Five ways to make media offerings accessible

By Shruti Pushkarna

They say charity begins at home. Well, so does inclusion. We all love to judge others, call out their mistakes, conveniently forgetting our own follies. Aren’t we all guilty of excluding people who don’t talk, walk or look like us?

Most of us don’t even realise how and when we omit vulnerable communities from everyday conversations, business, politics, entertainment et cetera.

Persons with disabilities struggle to navigate not only in a physically inaccessible environment, but also among people unconsciously wired to discriminate and dismiss.

My journey of disability inclusion started with observing gaps in things that mattered to me personally.

As a shopaholic, I realised how measly are the options of accessible clothing or footwear. If at all available, the prices are exorbitant. As if living with a disability is not expensive enough. As a foodie, I noticed getting in and out of restaurants was an obvious challenge for wheelchair users but the deaf and blind customers had limited ways of communicating with the servers.

The next logical step was to implement small changes in my behaviour in the personal and professional space. Something others could easily emulate. Obsessed with capturing moments on camera to share with my social media audience, I discovered how using ‘image description’ can help blind people enjoy and participate in the pictorial narrative.

In a largely visual world, fueled by Instagram stories, including persons with disability on social media is a possibility, thanks to technology. A revelation to the television producer in me!

It’s amazing how much we assume and take for granted as creatures of habit.

Various stakeholders as well as individuals can break the cycle of ignorance by introducing little changes in their respective domains.

What can mediapersons/ journalists do differently, to include persons with disabilities in their offerings?

Here are five easy-to-do things to reach a wider audience irrespective of (dis)ability.

1. Make video content accessible for everyone

While adding subtitles can make the audio portions accessible to the deaf, overlaying a separate track of audio description can help the blind make sense of the silent parts in a video.

2. Add sign language interpretation

Recorded or live programming on television can be interlaced with sign language which can help persons with hearing impairment interpret the content easily. This is also true for conferences and award ceremonies.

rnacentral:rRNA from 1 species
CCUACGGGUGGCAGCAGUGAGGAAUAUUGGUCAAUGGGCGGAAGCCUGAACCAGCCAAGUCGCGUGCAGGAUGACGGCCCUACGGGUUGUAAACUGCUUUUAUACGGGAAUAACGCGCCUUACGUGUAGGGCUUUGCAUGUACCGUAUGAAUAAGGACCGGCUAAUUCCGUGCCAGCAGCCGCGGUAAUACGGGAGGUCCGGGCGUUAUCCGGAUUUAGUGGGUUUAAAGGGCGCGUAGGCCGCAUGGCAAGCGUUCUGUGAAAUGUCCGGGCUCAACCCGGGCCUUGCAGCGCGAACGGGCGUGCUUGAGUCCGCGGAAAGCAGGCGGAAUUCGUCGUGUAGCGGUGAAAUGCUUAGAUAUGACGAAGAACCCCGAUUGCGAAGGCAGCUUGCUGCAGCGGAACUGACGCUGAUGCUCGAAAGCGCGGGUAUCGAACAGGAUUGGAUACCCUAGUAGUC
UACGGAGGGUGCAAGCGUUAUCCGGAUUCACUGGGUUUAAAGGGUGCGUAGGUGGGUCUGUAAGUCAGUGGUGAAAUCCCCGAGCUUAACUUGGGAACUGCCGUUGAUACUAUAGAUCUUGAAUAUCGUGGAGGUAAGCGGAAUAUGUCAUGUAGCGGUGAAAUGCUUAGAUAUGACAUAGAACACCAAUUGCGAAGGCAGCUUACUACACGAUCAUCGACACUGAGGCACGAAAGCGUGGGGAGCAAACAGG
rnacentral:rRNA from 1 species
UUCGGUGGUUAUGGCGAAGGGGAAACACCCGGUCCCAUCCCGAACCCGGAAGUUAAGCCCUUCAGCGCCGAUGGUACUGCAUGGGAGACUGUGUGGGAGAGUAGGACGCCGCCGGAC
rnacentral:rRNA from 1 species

3. Read out graphic content

Television news and sports coverage is a mix of audio, video and graphic content. A news bulletin has several sections of information displayed graphically, like statistics, forecasts, trends and so on. If the anchor reads out the graphic content on air, it immediately becomes accessible to persons with vision impairment. This is critical for disaster relief broadcasts, where contact and other info is flashing on TV screens continuously.

4. Make websites and apps accessible

Today, more than television, people consume news online. And that’s why it is important to make news websites and mobile applications disabled-friendly. The platforms should be built in compliance to the web accessibility guidelines and all software updates thereafter, should go through the same checks. Some usual suspects include pop-up advertisements, unlabelled images, colour contrast and drop-down menus.

5. Use correct terminology

Media teams should go through a thorough sensitisation and awareness programme to ensure they understand respectful, dignified and politically correct ways of addressing persons with disabilities. For instance, there is nothing wrong with calling someone blind given their loss of sight, but it’s not appropriate to call a speech-impaired person, dumb. Similarly, battling with disability might be challenging, but it doesn’t make the disabled ‘special’ or ‘gifted’. It is a physical/ mental condition and therefore, using the word ‘impairment’ or ‘disability’ is befitting.

The key to inclusion is to accept there is an audience with diverse needs and ask what ways or solutions can reduce the existing gaps. Needless to say, that the media needs to ramp up its coverage on issues facing the large disabled population.

Amidst the increased bellowing for Diversity Equity & Inclusion, does the media contribute anything apart from an incongruous rant for equality?


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